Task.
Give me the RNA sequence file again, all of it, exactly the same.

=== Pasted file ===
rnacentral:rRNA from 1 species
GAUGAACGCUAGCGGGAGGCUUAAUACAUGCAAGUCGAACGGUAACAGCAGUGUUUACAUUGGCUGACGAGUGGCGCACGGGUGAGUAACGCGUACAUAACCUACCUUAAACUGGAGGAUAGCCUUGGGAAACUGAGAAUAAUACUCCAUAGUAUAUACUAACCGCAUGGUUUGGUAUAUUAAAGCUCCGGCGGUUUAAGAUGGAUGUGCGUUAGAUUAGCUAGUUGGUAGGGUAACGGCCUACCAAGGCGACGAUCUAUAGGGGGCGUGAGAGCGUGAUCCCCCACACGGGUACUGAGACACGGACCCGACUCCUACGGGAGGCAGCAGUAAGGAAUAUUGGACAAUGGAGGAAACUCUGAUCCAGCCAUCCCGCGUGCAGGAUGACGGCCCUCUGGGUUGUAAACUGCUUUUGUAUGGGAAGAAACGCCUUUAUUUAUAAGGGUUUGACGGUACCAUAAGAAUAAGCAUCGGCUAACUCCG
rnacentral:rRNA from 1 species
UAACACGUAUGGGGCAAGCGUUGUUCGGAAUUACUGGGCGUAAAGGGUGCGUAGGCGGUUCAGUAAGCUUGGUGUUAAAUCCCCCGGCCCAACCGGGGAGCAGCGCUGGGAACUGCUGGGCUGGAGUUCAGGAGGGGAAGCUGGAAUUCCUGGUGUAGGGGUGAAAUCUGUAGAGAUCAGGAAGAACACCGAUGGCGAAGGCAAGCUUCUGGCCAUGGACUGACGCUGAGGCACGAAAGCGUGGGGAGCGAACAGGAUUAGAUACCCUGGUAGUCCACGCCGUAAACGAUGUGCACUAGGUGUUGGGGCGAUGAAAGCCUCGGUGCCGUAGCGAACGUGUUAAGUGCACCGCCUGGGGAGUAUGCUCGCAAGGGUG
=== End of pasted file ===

rnacentral:rRNA from 1 species
GAUGAACGCUAGCGGGAGGCUUAAUACAUGCAAGUCGAACGGUAACAGCAGUGUUUACAUUGGCUGACGAGUGGCGCACGGGUGAGUAACGCGUACAUAACCUACCUUAAACUGGAGGAUAGCCUUGGGAAACUGAGAAUAAUACUCCAUAGUAUAUACUAACCGCAUGGUUUGGUAUAUUAAAGCUCCGGCGGUUUAAGAUGGAUGUGCGUUAGAUUAGCUAGUUGGUAGGGUAACGGCCUACCAAGGCGACGAUCUAUAGGGGGCGUGAGAGCGUGAUCCCCCACACGGGUACUGAGACACGGACCCGACUCCUACGGGAGGCAGCAGUAAGGAAUAUUGGACAAUGGAGGAAACUCUGAUCCAGCCAUCCCGCGUGCAGGAUGACGGCCCUCUGGGUUGUAAACUGCUUUUGUAUGGGAAGAAACGCCUUUAUUUAUAAGGGUUUGACGGUACCAUAAGAAUAAGCAUCGGCUAACUCCG
rnacentral:rRNA from 1 species
UAACACGUAUGGGGCAAGCGUUGUUCGGAAUUACUGGGCGUAAAGGGUGCGUAGGCGGUUCAGUAAGCUUGGUGUUAAAUCCCCCGGCCCAACCGGGGAGCAGCGCUGGGAACUGCUGGGCUGGAGUUCAGGAGGGGAAGCUGGAAUUCCUGGUGUAGGGGUGAAAUCUGUAGAGAUCAGGAAGAACACCGAUGGCGAAGGCAAGCUUCUGGCCAUGGACUGACGCUGAGGCACGAAAGCGUGGGGAGCGAACAGGAUUAGAUACCCUGGUAGUCCACGCCGUAAACGAUGUGCACUAGGUGUUGGGGCGAUGAAAGCCUCGGUGCCGUAGCGAACGUGUUAAGUGCACCGCCUGGGGAGUAUGCUCGCAAGGGUG